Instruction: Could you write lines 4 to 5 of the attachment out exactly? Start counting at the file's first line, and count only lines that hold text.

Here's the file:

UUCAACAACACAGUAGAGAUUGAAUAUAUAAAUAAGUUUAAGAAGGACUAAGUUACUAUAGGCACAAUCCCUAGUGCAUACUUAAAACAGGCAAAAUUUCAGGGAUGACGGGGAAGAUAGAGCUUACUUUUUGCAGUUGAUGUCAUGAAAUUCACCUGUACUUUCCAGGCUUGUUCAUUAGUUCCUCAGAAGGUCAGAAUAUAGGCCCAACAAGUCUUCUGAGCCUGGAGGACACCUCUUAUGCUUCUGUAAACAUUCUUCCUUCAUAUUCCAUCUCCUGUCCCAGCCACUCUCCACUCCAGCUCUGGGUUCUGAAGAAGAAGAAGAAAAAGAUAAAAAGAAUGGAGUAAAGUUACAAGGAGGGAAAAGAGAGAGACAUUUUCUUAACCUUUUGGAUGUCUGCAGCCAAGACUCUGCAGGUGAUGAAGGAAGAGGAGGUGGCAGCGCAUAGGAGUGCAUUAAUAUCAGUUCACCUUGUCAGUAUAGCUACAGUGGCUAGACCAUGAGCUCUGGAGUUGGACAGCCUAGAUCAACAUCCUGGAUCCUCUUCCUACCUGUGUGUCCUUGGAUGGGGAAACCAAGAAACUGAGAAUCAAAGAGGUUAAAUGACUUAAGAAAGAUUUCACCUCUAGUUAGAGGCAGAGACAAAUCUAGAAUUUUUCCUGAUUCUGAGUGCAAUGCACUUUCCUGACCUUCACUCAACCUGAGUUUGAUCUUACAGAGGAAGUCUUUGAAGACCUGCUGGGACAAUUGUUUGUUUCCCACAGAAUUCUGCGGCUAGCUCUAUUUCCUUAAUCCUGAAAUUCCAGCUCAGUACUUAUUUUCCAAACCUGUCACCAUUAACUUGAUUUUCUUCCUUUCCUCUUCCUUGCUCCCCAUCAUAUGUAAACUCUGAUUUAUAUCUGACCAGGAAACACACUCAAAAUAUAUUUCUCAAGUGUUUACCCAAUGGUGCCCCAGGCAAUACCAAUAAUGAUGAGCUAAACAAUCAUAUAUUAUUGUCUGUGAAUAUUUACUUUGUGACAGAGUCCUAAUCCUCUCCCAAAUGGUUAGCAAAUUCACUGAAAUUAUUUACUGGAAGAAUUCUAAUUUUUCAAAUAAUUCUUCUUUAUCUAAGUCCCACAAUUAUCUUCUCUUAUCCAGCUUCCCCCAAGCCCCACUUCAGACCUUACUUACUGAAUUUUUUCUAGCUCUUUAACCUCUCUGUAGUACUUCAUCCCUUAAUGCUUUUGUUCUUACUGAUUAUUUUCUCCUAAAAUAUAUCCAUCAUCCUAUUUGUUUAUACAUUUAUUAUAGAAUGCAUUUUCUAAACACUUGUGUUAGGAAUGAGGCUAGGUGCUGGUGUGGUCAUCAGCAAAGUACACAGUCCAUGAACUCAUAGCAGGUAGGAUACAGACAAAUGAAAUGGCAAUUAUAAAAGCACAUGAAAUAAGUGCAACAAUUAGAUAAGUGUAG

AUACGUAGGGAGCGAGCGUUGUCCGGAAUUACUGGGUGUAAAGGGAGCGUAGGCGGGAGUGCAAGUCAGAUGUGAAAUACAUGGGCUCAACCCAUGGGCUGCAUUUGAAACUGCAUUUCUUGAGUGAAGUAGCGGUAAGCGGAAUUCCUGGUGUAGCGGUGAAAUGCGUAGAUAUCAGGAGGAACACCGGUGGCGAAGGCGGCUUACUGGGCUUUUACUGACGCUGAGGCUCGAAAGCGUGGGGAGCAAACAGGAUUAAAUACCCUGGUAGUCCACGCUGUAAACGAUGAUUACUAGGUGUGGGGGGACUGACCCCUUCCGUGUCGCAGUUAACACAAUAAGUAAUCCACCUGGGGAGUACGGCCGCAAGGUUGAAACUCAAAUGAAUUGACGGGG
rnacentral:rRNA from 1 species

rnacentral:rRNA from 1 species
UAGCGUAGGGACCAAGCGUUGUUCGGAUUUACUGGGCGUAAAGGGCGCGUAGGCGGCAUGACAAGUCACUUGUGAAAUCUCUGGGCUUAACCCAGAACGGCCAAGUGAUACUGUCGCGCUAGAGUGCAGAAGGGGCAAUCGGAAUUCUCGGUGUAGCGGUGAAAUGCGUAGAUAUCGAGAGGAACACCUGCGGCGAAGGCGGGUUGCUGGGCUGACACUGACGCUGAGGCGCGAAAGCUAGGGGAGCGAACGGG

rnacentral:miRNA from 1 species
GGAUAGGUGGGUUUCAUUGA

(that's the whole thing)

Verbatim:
rnacentral:rRNA from 1 species
UAGCGUAGGGACCAAGCGUUGUUCGGAUUUACUGGGCGUAAAGGGCGCGUAGGCGGCAUGACAAGUCACUUGUGAAAUCUCUGGGCUUAACCCAGAACGGCCAAGUGAUACUGUCGCGCUAGAGUGCAGAAGGGGCAAUCGGAAUUCUCGGUGUAGCGGUGAAAUGCGUAGAUAUCGAGAGGAACACCUGCGGCGAAGGCGGGUUGCUGGGCUGACACUGACGCUGAGGCGCGAAAGCUAGGGGAGCGAACGGG